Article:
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28 Years of Christmas
1994: The Game Boy Just Won't Go Away
By Cyril Lachel     |   Posted on December 10, 2002   |   Episode 15 (Show Archive)  

The Scoop: By 1994, everybody knew what the GameBoy could and could not do. It had eaten up the competition, no matter if it was the Lynx, GameGear, or Turbo Express. But nine years after the N.E.S. had been released, eight bit systems had come and gone, and the world was just about ready to get rid of their 16 bitters.

So Nintendo made an executive decision. Instead of releasing a brand new portable that could take advantage of the advancements in technology since 1989, Nintendo opted to release something called the Super GameBoy.

The Super GameBoy was an extremely large cartridge that had a slot built to house a GameBoy game. This device fit into your Super NES and played your GameBoy games on the television. You could also add colors and backgrounds, as well as buy game specifically designed to take advantage of these features. Upon release, the Super GameBoy was priced at $59.99, and sold marginally well.

The Other Side: Let's face it; we really didn't need the Super GameBoy. I mean, between 1990 and 1993, there were less than ten good games on the portable. And adding a limited amount of colors to the system shouldn't have been that important. I mean, the Lynx, GameGear, and Turbo Express had done it all years earlier. And at least two of those systems were 16 bit. I could probably go on for hours complaining about the way the GameBoy muscled out the competition. But I won't, not in this article, at least.

The Impact: In 1993 the GameBoy was all but dead. Licensees were starting to cut back, and the bulky system was really showing it's age. The release of the Super GameBoy actually resurrected interest in the aging portable. Companies like Capcom, Acclaim, Konami, and many others actually started looking at the portable as a viable home for their games, despite the age of the system.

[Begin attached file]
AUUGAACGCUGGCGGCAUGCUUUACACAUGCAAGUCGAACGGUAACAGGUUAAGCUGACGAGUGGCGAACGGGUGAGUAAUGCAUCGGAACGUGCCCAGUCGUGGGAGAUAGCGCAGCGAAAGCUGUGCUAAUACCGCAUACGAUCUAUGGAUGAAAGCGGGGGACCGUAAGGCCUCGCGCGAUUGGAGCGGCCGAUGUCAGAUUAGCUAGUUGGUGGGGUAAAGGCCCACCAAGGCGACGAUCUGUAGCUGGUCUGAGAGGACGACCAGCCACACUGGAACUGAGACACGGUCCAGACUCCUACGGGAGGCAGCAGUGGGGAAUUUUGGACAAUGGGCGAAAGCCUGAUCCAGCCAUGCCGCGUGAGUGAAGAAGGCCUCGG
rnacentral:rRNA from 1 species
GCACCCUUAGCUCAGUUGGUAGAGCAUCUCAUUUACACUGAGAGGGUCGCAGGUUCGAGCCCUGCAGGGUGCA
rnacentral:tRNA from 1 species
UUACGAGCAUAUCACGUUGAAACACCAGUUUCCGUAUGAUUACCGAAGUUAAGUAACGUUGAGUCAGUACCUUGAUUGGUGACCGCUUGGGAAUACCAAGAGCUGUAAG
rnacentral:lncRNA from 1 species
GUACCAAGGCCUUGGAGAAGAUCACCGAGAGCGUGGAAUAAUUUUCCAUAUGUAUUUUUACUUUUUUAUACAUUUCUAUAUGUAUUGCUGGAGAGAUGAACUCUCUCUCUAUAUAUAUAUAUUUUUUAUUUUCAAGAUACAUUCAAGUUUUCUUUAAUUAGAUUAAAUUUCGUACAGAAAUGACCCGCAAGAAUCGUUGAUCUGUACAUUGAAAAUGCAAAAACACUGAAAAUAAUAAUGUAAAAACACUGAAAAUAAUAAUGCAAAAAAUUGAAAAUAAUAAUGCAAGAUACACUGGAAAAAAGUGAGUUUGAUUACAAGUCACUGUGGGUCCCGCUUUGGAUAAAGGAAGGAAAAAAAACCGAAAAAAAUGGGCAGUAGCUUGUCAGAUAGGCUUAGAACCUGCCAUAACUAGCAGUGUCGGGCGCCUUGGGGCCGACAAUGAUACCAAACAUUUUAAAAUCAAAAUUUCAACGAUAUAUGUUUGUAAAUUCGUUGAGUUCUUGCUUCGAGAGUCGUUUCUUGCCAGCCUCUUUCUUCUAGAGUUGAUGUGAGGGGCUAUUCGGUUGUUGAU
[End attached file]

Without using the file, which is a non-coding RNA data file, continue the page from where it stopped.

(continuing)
The Super GameBoy essentially added another six years to the life of an already ancient system. It led the way to its portable counterpart, the GameBoy Color. The hardware was basically the same, however it allowed for color. Between 1994 and 2000, a number of high quality apps would find their way to the system. Games like Donkey Kong Country, Pokemon, Metal Gear Solid, and especially the two Legend of Zelda games.

Where Are They Now?: Nintendo would wait years until they released their GameBoy Advance, and even when it arrived it was not exactly the stellar leap in technology gamers were expecting. Regardless, with a Mario remake, and a number of big name titles, the GameBoy Advance had an impressive showing, and is still bringing huge numbers. This Thanksgiving Nintendo reported a million units sold over the week, and so much software, it boggles the mind.

Perhaps the big news, however, is that Nintendo will be releasing a GameCube peripheral that will allow gamers to play "most" of their GameBoy Advance games through the GameCube. This 'GameBoy Advance Player' will attach to the bottom of the GameCube, and offers a few minor upgrades to the games. However, in a puzzling move, one that reminds me a little bit of the Virtual Boy, this GBA Player will turn off after a certain amount of time.


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